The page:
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Politics in IT: Separate operators from performers

Al Kuebler | Feb. 7, 2011
There's politics in IT. Are you shocked to hear it? I didn't think so. But it can be negotiated. It comes down to knowing what sorts of people are around you. I'll get to that in a bit, along with some advice for dealing with the bad players, but first let me tell you about two times in my career when politics came to the fore.

Sometimes, you'll have to take action before you even leave the meeting. Your boss might give you a new assignment that you realize your team doesn't have the resources to handle because of earlier projects that already have you at maximum capacity. (If your boss really is an operator, then he or she probably already knows this and is simply seeing what can be gotten away with.) When it happens, you have to speak up, no matter what heat you might get for doing so. Tell your boss that you can probably handle this new assignment, though it could mean rearranging things and finishing some current projects later than planned. Be reassuring -- "If we can handle it, consider it done." Then do the e-mail thing again in a day or so to inform your boss that unless you can agree on a way to restructure existing priorities, the new assignment will have to wait. Again, end with words to the effect of "Please let me know if anything about this is not clear."

If your boss is an operator, he or she will push back on all this documentation and suggest that all of the follow-up isn't necessary. That is pretty much confirmation of operator status. Which means, of course, that you should not go along with the suggestion. Your e-mails are an insurance policy, making it much more difficult for an operator to pull you this way and that, according to whim.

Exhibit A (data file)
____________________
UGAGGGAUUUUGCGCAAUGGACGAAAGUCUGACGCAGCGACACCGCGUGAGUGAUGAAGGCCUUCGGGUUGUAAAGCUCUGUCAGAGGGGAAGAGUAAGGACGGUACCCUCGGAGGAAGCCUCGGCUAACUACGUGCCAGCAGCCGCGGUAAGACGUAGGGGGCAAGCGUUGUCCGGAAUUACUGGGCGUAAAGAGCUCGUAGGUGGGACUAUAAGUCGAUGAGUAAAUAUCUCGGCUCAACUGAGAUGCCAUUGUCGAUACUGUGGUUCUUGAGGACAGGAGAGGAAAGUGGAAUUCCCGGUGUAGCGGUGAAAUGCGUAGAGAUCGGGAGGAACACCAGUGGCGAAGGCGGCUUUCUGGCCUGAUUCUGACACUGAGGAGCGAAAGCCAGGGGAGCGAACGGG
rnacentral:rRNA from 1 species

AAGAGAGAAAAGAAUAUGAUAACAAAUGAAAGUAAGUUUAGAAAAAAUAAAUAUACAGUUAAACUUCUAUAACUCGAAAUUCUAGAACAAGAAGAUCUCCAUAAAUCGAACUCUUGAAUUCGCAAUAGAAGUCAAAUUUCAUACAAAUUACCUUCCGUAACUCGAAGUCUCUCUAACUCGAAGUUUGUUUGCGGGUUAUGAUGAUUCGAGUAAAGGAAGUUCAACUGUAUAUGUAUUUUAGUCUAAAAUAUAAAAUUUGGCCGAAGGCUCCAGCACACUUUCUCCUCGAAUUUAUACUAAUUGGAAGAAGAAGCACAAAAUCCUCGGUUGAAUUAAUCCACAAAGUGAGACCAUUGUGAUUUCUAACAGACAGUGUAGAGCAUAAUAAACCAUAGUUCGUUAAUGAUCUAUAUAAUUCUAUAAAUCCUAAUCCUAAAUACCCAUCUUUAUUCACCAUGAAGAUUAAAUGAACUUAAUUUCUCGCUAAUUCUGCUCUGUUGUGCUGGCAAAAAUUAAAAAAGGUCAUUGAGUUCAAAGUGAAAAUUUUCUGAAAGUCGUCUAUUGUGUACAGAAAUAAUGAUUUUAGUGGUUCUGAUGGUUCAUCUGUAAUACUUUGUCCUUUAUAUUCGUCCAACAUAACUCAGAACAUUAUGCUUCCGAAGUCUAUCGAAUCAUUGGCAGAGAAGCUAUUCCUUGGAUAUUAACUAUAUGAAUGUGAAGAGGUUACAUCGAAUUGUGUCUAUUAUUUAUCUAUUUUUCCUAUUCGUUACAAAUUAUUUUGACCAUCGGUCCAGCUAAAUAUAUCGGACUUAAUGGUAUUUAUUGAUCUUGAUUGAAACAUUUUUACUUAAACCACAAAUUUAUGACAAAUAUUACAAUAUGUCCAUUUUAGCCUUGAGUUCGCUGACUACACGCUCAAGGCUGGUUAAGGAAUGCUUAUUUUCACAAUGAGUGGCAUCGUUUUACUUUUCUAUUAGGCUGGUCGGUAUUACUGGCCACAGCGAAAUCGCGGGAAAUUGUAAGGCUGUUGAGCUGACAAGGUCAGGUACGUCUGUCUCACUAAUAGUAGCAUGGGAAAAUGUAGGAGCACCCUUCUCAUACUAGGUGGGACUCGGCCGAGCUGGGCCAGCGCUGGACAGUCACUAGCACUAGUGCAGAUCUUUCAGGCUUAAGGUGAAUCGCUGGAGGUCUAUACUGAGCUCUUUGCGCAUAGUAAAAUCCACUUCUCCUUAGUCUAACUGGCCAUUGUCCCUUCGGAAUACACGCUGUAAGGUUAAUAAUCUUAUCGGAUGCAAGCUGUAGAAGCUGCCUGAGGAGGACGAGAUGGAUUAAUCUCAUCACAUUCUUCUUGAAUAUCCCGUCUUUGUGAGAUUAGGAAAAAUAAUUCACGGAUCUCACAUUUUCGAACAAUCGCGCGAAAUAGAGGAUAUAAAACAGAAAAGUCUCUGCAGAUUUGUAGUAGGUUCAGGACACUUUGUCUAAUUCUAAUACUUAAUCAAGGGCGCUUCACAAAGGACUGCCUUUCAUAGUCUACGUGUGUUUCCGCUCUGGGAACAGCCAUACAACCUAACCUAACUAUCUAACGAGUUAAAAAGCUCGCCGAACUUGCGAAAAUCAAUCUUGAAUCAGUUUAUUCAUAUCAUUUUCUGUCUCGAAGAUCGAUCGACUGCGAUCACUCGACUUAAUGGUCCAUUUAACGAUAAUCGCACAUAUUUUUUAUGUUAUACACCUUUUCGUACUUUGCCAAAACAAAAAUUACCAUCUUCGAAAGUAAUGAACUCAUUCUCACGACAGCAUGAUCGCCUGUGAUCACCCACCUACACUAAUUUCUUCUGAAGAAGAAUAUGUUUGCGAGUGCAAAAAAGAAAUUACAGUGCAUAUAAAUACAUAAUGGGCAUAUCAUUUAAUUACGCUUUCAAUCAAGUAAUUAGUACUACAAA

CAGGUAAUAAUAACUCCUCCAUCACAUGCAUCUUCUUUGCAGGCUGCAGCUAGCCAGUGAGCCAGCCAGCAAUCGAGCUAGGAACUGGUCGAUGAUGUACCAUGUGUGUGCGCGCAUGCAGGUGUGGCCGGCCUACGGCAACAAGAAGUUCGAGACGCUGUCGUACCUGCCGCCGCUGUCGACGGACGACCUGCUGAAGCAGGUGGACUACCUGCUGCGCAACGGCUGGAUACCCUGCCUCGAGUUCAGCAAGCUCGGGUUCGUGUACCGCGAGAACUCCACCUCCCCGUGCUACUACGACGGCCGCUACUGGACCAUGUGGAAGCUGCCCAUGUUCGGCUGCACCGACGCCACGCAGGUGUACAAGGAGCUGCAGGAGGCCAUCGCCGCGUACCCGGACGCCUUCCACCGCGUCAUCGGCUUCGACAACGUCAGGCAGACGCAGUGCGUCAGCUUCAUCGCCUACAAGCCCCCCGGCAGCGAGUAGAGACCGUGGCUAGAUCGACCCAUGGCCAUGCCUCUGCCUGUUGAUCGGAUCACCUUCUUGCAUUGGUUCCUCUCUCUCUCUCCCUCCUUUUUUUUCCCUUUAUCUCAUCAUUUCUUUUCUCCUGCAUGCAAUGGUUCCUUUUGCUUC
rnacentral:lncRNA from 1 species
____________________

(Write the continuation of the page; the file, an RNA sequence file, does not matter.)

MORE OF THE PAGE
Those initial follow-up e-mails aren't the end of it. As projects move along, you should have your team, on a monthly basis, keep track of the progress of all formally agreed-upon goals assigned them. Six weeks before your annual review (or your probationary period if you're in a new position), summarize everything carefully. Quantify as much as you can. Demonstrate progress against all your goals, showing how you achieved those that were reached and noting when your performance exceeded the target. Don't just say that projects were completed on time, for the agreed cost and as specified; provide the evidence. If your team was called on to handle ever more units of work, spell out their increased productivity. If they received kudos from your clients, forward them. (And it's a good idea to solicit as much praise from your clients as possible.) Then summarize all of this from the shareholder point of view, explaining how your team avoided cost, improved service or increased revenue.


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